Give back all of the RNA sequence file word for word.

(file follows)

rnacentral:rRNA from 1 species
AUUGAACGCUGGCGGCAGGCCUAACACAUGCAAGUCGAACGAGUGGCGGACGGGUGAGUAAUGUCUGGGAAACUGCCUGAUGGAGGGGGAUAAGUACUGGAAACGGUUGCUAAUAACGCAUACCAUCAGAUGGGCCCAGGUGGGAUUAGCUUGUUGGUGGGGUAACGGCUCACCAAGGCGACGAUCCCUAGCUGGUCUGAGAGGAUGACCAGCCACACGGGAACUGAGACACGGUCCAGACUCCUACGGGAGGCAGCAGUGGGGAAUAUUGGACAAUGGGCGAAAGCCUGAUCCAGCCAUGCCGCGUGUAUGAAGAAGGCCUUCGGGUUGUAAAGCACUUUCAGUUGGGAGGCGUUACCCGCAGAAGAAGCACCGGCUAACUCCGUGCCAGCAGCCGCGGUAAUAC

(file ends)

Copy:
rnacentral:rRNA from 1 species
AUUGAACGCUGGCGGCAGGCCUAACACAUGCAAGUCGAACGAGUGGCGGACGGGUGAGUAAUGUCUGGGAAACUGCCUGAUGGAGGGGGAUAAGUACUGGAAACGGUUGCUAAUAACGCAUACCAUCAGAUGGGCCCAGGUGGGAUUAGCUUGUUGGUGGGGUAACGGCUCACCAAGGCGACGAUCCCUAGCUGGUCUGAGAGGAUGACCAGCCACACGGGAACUGAGACACGGUCCAGACUCCUACGGGAGGCAGCAGUGGGGAAUAUUGGACAAUGGGCGAAAGCCUGAUCCAGCCAUGCCGCGUGUAUGAAGAAGGCCUUCGGGUUGUAAAGCACUUUCAGUUGGGAGGCGUUACCCGCAGAAGAAGCACCGGCUAACUCCGUGCCAGCAGCCGCGGUAAUAC